Artistry isn’t something you can build simply by showing up at the barre every morning. It’s a mysterious, elusive quality, one of the most difficult to master in dance. And yet it’s the ultimate goal of every dancer. So, how do you get it?
As we put together our first Artistry Issue, I reached out to a friend, Batsheva’s supremely quirky Ian Robinson. He’s the kind of dancer who disappears into roles as though he’s traveled to another world. I wanted to know how he does it—where does his artistry come from? “I think it has to do with being mindful about the way you see the world,” he told me. “Mindful about experiences, or habits, or weaknesses—and how you combine all that into your craft.” He thinks of his creativity like a muscle, and strengthens it by seeking out other kinds of art, by stepping outside, by paying attention to the idiosyncrasies of the people around him.
Photo: “Sometimes my approach to choreographing is like, ‘Mark, come in at the wrong time.’ ” —Doug Elkins. Deborah Lohse, Kyle Marshall and Mark Gindick rehearse Doug Elkins’ Hapless Bizarre.
Every dancer has to find their own way of working their creativity muscle. Throughout this issue, we asked a number of dance artists to share their tactics. For choreographer Doug Elkins, it’s about staying open to mistakes, seeing where “the mess-ups” might lead. In our “In Training” column, Helen Pickett talks about teaching students to dance in silence to help them dig deeper inside themselves for inspiration.
Ironically, the dancers who often have the biggest challenges developing their artistry are the ones who’ve earned acclaim for their preternatural abilities from the time they were students. Our cover story profiles one of the latest, Catherine Hurlin, who’s just joined American Ballet Theatre as an apprentice. The 18-year-old prodigy seems to have been born with charisma and stage presence. But how will she deepen her artistry now that she’s a professional? Naturally, we turned to former ABT prodigy Paloma Herrera, among others, for her advice: “It has to come from within yourself. You want to keep growing. You have to really love what you do and always want to make it better. I’m always happy to be on the stage and working. That fulfills my soul.”
Editor in Chief
Photos from top: Kyle Froman; Nathan Sayers
Back in 2011 when Joe Lanteri first approached Katie Langan, chair of Marymount Manhattan College's dance department, about getting involved with New York City Dance Alliance, she was skeptical about the convention/competition world.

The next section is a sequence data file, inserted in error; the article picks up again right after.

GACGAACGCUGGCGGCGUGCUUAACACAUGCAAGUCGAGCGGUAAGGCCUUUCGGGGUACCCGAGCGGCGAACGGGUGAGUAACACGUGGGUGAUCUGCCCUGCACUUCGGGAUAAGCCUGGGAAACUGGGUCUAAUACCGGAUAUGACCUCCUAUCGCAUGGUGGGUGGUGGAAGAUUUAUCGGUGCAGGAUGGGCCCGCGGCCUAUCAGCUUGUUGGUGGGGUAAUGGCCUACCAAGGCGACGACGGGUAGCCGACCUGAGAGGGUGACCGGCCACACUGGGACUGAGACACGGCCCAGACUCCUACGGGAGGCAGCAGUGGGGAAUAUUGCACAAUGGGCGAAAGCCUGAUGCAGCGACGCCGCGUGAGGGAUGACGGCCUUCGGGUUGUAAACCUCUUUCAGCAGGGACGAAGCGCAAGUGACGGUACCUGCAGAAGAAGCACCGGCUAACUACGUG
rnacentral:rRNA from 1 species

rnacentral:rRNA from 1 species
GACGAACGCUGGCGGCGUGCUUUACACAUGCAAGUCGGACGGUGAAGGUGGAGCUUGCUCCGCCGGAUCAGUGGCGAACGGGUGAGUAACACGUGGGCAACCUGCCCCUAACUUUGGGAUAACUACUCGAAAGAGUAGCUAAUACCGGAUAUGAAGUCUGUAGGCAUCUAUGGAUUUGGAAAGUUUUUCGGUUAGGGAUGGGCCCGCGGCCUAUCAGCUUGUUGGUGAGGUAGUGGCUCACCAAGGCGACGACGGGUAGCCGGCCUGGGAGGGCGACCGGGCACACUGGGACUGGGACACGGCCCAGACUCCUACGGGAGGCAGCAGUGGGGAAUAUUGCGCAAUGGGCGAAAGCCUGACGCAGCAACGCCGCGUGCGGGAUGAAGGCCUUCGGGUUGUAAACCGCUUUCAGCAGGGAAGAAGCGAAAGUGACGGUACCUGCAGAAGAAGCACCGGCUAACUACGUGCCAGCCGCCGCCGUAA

"But I was pleasantly surprised by the enormity of talent that was there," she says. "His goal was to start scholarship opportunities, and I said okay, I'm in."
Today, it's fair to say that Lanteri has far surpassed his goal of creating scholarship opportunities. But NYCDA has done so much more, bridging the gap between the convention world and the professional world by forging a wealth of partnerships with dance institutions from Marymount to The Ailey School to Complexions Contemporary Ballet and many more. There's a reason these companies and schools—some of whom otherwise may not see themselves as aligned with the convention/competition world—keep deepening their relationships with NYCDA.
Now, college scholarships are just one of many ways NYCDA has gone beyond the typical weekend-long convention experience and created life-changing opportunities for students. We rounded up some of the most notable ones:
We knew that Ivo van Hove and Anne Teresa de Keersmaeker's production of West Side Story would challenge our preconceived notions about the show.
But a recent Vogue story gives us a taste of just how nontraditional the Broadway revival will be. Most notably, van Hove is cutting "I Feel Pretty" and the "Somewhere" ballet, condensing the show into one act to better reflect the urgency of the 48-hour plot. (The choice has been approved by the West Side Story estate, including Sondheim, who has "long been uncomfortable" with some of the "I Feel Pretty" lyrics.)
"The show must go on" may be a platitude we use to get through everything from costume malfunctions to stormy moods. But when it came to overcoming a literal hurricane, Houston Ballet was buoyed by this mantra to go from devastated to dancing in a matter of weeks—with the help of Harlequin Floors, Houston Ballet's longstanding partner who sprang into action to build new floors in record time.